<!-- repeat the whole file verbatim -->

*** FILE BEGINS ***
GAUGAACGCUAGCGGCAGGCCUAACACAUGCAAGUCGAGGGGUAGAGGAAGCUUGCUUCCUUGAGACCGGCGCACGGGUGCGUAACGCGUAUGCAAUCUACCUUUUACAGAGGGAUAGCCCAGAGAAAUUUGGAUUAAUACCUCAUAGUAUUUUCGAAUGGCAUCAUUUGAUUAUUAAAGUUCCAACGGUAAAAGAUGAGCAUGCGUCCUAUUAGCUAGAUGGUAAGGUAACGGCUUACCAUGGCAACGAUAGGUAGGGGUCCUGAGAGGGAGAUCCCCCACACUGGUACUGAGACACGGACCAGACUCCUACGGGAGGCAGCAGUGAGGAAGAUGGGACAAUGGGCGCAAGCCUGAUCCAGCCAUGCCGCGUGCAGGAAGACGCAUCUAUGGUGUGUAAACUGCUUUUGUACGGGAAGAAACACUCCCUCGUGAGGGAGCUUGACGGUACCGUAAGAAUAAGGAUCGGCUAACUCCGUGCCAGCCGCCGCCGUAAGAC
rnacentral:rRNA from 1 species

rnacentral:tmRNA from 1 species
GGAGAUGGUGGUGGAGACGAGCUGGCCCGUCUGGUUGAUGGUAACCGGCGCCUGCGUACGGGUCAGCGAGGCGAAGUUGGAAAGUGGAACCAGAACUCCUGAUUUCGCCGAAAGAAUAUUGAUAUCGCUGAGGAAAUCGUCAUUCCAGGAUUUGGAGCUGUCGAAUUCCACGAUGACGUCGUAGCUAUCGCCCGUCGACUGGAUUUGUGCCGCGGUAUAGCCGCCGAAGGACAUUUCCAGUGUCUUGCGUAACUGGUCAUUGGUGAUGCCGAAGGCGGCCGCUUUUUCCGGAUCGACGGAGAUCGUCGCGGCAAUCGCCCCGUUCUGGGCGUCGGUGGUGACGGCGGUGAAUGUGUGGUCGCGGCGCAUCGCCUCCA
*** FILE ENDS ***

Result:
GAUGAACGCUAGCGGCAGGCCUAACACAUGCAAGUCGAGGGGUAGAGGAAGCUUGCUUCCUUGAGACCGGCGCACGGGUGCGUAACGCGUAUGCAAUCUACCUUUUACAGAGGGAUAGCCCAGAGAAAUUUGGAUUAAUACCUCAUAGUAUUUUCGAAUGGCAUCAUUUGAUUAUUAAAGUUCCAACGGUAAAAGAUGAGCAUGCGUCCUAUUAGCUAGAUGGUAAGGUAACGGCUUACCAUGGCAACGAUAGGUAGGGGUCCUGAGAGGGAGAUCCCCCACACUGGUACUGAGACACGGACCAGACUCCUACGGGAGGCAGCAGUGAGGAAGAUGGGACAAUGGGCGCAAGCCUGAUCCAGCCAUGCCGCGUGCAGGAAGACGCAUCUAUGGUGUGUAAACUGCUUUUGUACGGGAAGAAACACUCCCUCGUGAGGGAGCUUGACGGUACCGUAAGAAUAAGGAUCGGCUAACUCCGUGCCAGCCGCCGCCGUAAGAC
rnacentral:rRNA from 1 species

rnacentral:tmRNA from 1 species
GGAGAUGGUGGUGGAGACGAGCUGGCCCGUCUGGUUGAUGGUAACCGGCGCCUGCGUACGGGUCAGCGAGGCGAAGUUGGAAAGUGGAACCAGAACUCCUGAUUUCGCCGAAAGAAUAUUGAUAUCGCUGAGGAAAUCGUCAUUCCAGGAUUUGGAGCUGUCGAAUUCCACGAUGACGUCGUAGCUAUCGCCCGUCGACUGGAUUUGUGCCGCGGUAUAGCCGCCGAAGGACAUUUCCAGUGUCUUGCGUAACUGGUCAUUGGUGAUGCCGAAGGCGGCCGCUUUUUCCGGAUCGACGGAGAUCGUCGCGGCAAUCGCCCCGUUCUGGGCGUCGGUGGUGACGGCGGUGAAUGUGUGGUCGCGGCGCAUCGCCUCCA